The doctrine demanding a separation of powers is a sacrosanct safeguard within our partly written, partly unwritten constitution. Its importance lies in preventing any one individual or group from gaining an outsized portion of power.

Taken together, constitutional safeguards have helped to keep New Zealand blessedly free of corruption in our short but proud history. Enjoying such stability and certainty is an international advantage that we should guard jealously and zealously. . .

He gives four examples where ministers’ behavior has weakened the constitutional framework:

* Andrew Little’s comments on a perceived problem with bail

* Little’s comment on the decision not to prosecute over the CCTV collapse.

* Clare Curran’s tweet on a police prosecution.

* Grant Roberston’s threat to make an example of landlords illegally raising rents.

In this country it’s pretty hard to hold a government to account when it bends, or even breaks, constitutional convention. That’s the thing about conventions, of course: for better and worse, they’re almost impossible to enforce. The flexibility of our constitutional arrangements is actually a real strength most of the time (whatever advocates of a comprehensive written constitution may say), so this is not a criticism but an observation.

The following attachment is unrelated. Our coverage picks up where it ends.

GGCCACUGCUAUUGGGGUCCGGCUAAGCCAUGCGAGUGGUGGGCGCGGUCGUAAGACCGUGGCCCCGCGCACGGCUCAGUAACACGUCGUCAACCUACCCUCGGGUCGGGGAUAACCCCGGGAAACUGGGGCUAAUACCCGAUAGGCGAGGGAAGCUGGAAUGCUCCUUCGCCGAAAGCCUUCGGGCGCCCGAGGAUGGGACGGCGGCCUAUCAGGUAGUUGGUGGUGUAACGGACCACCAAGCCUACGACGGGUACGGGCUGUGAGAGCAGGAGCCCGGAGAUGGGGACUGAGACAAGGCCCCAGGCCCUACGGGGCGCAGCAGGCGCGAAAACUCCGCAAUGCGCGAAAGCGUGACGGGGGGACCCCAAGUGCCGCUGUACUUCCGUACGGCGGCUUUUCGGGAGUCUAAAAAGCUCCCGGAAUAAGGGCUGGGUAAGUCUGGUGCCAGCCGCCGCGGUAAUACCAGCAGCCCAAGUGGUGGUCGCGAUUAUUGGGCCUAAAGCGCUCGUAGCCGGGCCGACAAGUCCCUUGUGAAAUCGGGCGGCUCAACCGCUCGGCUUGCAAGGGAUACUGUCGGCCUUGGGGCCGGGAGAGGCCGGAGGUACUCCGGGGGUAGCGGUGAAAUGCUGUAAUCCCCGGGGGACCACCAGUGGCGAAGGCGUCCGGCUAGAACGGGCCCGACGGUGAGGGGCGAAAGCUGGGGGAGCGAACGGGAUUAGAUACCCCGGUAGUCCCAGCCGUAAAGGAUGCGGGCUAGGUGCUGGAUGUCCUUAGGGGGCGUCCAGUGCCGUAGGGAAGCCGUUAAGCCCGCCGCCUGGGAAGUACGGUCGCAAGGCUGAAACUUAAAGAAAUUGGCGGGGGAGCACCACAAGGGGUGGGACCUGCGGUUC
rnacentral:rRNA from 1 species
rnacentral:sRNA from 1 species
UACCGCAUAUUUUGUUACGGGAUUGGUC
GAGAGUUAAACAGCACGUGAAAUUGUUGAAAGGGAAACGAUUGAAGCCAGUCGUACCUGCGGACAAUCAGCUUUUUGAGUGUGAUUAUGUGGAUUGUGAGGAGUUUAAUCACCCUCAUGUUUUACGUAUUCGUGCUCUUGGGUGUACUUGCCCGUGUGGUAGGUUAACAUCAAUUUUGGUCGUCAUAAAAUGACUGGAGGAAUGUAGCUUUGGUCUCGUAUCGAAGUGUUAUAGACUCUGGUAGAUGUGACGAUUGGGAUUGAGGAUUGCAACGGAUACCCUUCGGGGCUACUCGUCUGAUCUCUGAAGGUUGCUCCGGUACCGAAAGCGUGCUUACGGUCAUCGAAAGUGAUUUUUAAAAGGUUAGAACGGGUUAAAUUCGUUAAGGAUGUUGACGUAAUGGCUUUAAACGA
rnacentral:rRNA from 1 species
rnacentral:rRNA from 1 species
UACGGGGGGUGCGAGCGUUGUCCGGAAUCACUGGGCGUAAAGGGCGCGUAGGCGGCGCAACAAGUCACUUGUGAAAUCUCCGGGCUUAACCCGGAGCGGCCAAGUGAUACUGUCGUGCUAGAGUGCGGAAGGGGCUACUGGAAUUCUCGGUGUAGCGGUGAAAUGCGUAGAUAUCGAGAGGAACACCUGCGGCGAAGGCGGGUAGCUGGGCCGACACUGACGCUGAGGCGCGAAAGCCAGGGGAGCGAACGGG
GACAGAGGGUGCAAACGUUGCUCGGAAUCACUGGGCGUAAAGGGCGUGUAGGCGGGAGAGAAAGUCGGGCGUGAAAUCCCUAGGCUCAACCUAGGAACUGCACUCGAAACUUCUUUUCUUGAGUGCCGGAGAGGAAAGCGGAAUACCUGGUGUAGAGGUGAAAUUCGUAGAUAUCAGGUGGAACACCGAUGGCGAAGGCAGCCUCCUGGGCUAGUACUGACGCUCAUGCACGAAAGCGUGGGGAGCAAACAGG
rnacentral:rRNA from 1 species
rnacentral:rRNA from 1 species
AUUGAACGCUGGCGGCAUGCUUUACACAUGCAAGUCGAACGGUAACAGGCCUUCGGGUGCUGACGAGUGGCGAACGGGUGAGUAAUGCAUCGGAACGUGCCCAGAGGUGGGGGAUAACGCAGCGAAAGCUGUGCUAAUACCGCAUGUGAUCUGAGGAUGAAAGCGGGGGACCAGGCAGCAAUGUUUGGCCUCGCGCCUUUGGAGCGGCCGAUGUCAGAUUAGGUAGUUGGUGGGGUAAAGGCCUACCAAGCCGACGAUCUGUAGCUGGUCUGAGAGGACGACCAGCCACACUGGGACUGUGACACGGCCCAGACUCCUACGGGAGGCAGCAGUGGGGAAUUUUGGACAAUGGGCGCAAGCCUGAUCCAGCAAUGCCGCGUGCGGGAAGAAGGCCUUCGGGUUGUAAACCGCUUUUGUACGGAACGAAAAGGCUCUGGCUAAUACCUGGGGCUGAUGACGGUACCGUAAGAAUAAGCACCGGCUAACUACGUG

That said, with few firm legal constraints in the form of “black letter law”, political accountability becomes all the more important. As Her Majesty’s Loyal Opposition, that is where we come in. And take note, ministers: we will.

The transition from opposition, where there is greater leeway for criticism, to government and cabinet where much more circumspection is required, isn’t always easy.

But that’s no excuse for bending the branches of government as these ministers have.

Adam Smith writes on this at Inquiring Mind.

 

 


Let’s tax this

August 13, 2017

Labour’s campaign slogan should be let’s tax this:

The illogic of the selective water tax is summed up by ComradeJacinda on Twitter:

 

Hat tip: Inquiring Mind